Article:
I found there are many similarities between trading and playing poker (Texas Hold'em).

1. In both games, at first one is presented with an opportunity. In trading, this is the time one starts to decide whether one should make an entry; and in poker, this is when one is dealt with the first 2 cards. One calculates at this time the chances and the expectations and makes a decision on whether to proceed and how much money to put in.

2. While holding, one is constantly presented with the potential possibilities to win or to lose. In trading, this is reflected by the ups and downs of the equity value; and in poker, every new card coming to the table alters one's chances. During this time, one constantly calculates the chances and the expectations and makes decisions on whether to continue holding and whether to add or reduce one's position (in poker one can't reduce).

3. At closing, in poker, this means the final showdown; and in trading, this is when one has to close out the position. Only at this point, the possibilities to win or to lose are realized.

Probably one crucial difference is that in trading one does not have a way to bluff, unless one is a heavy weight in the market. But it is quite the same in both games that one is often bluffed at.

John Netto responds: 

I feel compelled to respond given I have used both mediums as a way to make a living. No comparison between poker and trading is complete without examining the ancillary issues such as transactional costs and liquidity.

In poker, the house takes a rake on every pot and for every orbit (time the dealer button goes around the board), a player must post a big blind and a small blind. The rake can be as small as 5% and as high as 20 percent given the venue and size of the pot.

In trading, one might pay a small fee for software or data, but on a percentage basis, this is substantially less. Overall, these are real factors for a number of professional cash game players in computing their positive expected return.

Liquidity is another issue. You are at a table with 8-9 other players and the higher the stakes go, the more seasoned and experienced the players are.

Therefore, assessing the "volatility" of a table is critical as a trader who likes to be long a lot of gamma, I like to be in games where the players are looking to gamble and mix it up in a lot of pots and chase down their draws at bad payouts.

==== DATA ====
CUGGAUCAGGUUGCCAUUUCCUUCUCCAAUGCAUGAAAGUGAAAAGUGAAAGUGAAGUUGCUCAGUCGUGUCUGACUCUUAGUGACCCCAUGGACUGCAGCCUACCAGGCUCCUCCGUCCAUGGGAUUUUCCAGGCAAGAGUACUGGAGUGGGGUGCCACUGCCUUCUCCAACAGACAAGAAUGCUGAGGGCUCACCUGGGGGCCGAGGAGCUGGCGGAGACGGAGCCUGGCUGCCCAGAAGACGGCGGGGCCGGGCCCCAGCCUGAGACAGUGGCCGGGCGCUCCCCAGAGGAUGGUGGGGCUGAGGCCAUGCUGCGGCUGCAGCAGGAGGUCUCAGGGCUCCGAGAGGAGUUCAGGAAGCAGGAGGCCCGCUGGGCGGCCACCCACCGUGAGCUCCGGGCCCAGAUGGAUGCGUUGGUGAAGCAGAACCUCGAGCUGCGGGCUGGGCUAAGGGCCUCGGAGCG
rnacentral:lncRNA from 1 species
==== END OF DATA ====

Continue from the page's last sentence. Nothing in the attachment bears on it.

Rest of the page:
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  1. Steve on July 16, 2013 2:53 pm

    Here are some things to consider about poker. I leave it to the reader to discern if they apply to trading.

    Cash games poker.

    You are playing against the other people seated at the table.

    There are 169 two card combinations that you can be dealt ex. suits.

    You position changes after every hand. i.e. the button moves.

    There is a rake that is taken off the table after every game.

    The winner is expected to tip the dealer.

    You are permitted to reload after every hand. table stakes apply in no limit. Limit poker contains more action and leads to showdowns.

    Different players enter and leave throughout the session.

    Rulings by the house are final. There is no appeal.

    The most important decision you will ever make is the first two cards that you are going to play.

    The second most important decision you will face is whether to continue after the flop

    Professionals will tell you they make their money in a grind by putting in their hours.

    Pros will tell you that they earn their money by not playing hands while others play theirs.

    Pros do not like to test their skills against other pros. They prefer to attack the weak, the fish.

    Cheating and team play occur in poker.

    The cards have no memory. They do not know or care who is playing them.

    The psychology of the table changes with the style of the players.

    Players adapt their style to fit the table they are seated at.

    You have to play hands to win. eg. You cannot keep the last hand and play it for the next session.

    Remember theses rules generally apply to cash games. Tournament poker is entirely different and a completely different set of skills is necessary to succeed at that level.


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